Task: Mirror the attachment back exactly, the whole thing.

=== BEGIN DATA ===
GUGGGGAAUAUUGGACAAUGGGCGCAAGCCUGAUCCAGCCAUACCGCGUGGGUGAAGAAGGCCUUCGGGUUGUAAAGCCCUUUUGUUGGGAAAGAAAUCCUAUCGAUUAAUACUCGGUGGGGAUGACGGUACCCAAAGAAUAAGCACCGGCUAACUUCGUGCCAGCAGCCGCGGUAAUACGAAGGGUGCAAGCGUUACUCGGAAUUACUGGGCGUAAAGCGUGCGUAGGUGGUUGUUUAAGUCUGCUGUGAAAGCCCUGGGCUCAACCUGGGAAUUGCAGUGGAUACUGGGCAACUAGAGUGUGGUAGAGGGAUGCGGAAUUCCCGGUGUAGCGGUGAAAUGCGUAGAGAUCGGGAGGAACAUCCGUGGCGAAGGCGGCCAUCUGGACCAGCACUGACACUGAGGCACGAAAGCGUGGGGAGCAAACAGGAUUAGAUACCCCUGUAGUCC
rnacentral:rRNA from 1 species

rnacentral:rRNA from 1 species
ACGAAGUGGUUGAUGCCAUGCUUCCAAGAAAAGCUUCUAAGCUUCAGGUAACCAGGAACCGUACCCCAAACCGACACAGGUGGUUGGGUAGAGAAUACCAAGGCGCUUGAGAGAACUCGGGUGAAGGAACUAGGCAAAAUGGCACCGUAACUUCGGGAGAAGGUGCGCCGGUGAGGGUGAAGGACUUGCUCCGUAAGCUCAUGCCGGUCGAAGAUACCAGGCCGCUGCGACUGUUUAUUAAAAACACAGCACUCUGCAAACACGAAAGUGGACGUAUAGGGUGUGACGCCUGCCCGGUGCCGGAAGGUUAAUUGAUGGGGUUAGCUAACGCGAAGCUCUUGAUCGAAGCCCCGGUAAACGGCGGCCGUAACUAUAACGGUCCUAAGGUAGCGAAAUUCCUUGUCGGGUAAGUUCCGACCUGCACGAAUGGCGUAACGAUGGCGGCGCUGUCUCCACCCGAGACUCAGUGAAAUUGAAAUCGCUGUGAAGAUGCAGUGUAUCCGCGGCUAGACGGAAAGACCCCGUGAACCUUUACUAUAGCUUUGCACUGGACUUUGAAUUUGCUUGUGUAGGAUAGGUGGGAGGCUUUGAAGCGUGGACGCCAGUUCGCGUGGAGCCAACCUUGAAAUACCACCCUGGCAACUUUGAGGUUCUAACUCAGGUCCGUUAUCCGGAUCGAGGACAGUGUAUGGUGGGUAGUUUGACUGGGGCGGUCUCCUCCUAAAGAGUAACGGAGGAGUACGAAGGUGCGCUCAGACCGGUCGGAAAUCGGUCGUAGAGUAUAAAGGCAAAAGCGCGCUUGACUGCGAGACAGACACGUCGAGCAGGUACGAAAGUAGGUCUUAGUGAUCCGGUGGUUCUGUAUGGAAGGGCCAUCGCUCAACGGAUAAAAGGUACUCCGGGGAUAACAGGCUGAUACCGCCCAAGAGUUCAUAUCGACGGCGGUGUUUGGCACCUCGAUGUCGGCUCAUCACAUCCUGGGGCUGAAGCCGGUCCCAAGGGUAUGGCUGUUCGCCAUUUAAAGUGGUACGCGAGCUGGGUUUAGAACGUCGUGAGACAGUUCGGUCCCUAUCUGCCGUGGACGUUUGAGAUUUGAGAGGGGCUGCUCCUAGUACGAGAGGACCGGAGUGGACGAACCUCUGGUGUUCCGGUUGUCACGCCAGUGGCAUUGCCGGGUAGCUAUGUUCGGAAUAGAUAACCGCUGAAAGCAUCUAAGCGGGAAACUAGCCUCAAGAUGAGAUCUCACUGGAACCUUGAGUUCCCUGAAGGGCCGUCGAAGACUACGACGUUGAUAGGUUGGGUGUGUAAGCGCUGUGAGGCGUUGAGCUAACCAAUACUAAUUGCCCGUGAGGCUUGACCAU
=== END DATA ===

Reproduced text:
GUGGGGAAUAUUGGACAAUGGGCGCAAGCCUGAUCCAGCCAUACCGCGUGGGUGAAGAAGGCCUUCGGGUUGUAAAGCCCUUUUGUUGGGAAAGAAAUCCUAUCGAUUAAUACUCGGUGGGGAUGACGGUACCCAAAGAAUAAGCACCGGCUAACUUCGUGCCAGCAGCCGCGGUAAUACGAAGGGUGCAAGCGUUACUCGGAAUUACUGGGCGUAAAGCGUGCGUAGGUGGUUGUUUAAGUCUGCUGUGAAAGCCCUGGGCUCAACCUGGGAAUUGCAGUGGAUACUGGGCAACUAGAGUGUGGUAGAGGGAUGCGGAAUUCCCGGUGUAGCGGUGAAAUGCGUAGAGAUCGGGAGGAACAUCCGUGGCGAAGGCGGCCAUCUGGACCAGCACUGACACUGAGGCACGAAAGCGUGGGGAGCAAACAGGAUUAGAUACCCCUGUAGUCC
rnacentral:rRNA from 1 species

rnacentral:rRNA from 1 species
ACGAAGUGGUUGAUGCCAUGCUUCCAAGAAAAGCUUCUAAGCUUCAGGUAACCAGGAACCGUACCCCAAACCGACACAGGUGGUUGGGUAGAGAAUACCAAGGCGCUUGAGAGAACUCGGGUGAAGGAACUAGGCAAAAUGGCACCGUAACUUCGGGAGAAGGUGCGCCGGUGAGGGUGAAGGACUUGCUCCGUAAGCUCAUGCCGGUCGAAGAUACCAGGCCGCUGCGACUGUUUAUUAAAAACACAGCACUCUGCAAACACGAAAGUGGACGUAUAGGGUGUGACGCCUGCCCGGUGCCGGAAGGUUAAUUGAUGGGGUUAGCUAACGCGAAGCUCUUGAUCGAAGCCCCGGUAAACGGCGGCCGUAACUAUAACGGUCCUAAGGUAGCGAAAUUCCUUGUCGGGUAAGUUCCGACCUGCACGAAUGGCGUAACGAUGGCGGCGCUGUCUCCACCCGAGACUCAGUGAAAUUGAAAUCGCUGUGAAGAUGCAGUGUAUCCGCGGCUAGACGGAAAGACCCCGUGAACCUUUACUAUAGCUUUGCACUGGACUUUGAAUUUGCUUGUGUAGGAUAGGUGGGAGGCUUUGAAGCGUGGACGCCAGUUCGCGUGGAGCCAACCUUGAAAUACCACCCUGGCAACUUUGAGGUUCUAACUCAGGUCCGUUAUCCGGAUCGAGGACAGUGUAUGGUGGGUAGUUUGACUGGGGCGGUCUCCUCCUAAAGAGUAACGGAGGAGUACGAAGGUGCGCUCAGACCGGUCGGAAAUCGGUCGUAGAGUAUAAAGGCAAAAGCGCGCUUGACUGCGAGACAGACACGUCGAGCAGGUACGAAAGUAGGUCUUAGUGAUCCGGUGGUUCUGUAUGGAAGGGCCAUCGCUCAACGGAUAAAAGGUACUCCGGGGAUAACAGGCUGAUACCGCCCAAGAGUUCAUAUCGACGGCGGUGUUUGGCACCUCGAUGUCGGCUCAUCACAUCCUGGGGCUGAAGCCGGUCCCAAGGGUAUGGCUGUUCGCCAUUUAAAGUGGUACGCGAGCUGGGUUUAGAACGUCGUGAGACAGUUCGGUCCCUAUCUGCCGUGGACGUUUGAGAUUUGAGAGGGGCUGCUCCUAGUACGAGAGGACCGGAGUGGACGAACCUCUGGUGUUCCGGUUGUCACGCCAGUGGCAUUGCCGGGUAGCUAUGUUCGGAAUAGAUAACCGCUGAAAGCAUCUAAGCGGGAAACUAGCCUCAAGAUGAGAUCUCACUGGAACCUUGAGUUCCCUGAAGGGCCGUCGAAGACUACGACGUUGAUAGGUUGGGUGUGUAAGCGCUGUGAGGCGUUGAGCUAACCAAUACUAAUUGCCCGUGAGGCUUGACCAU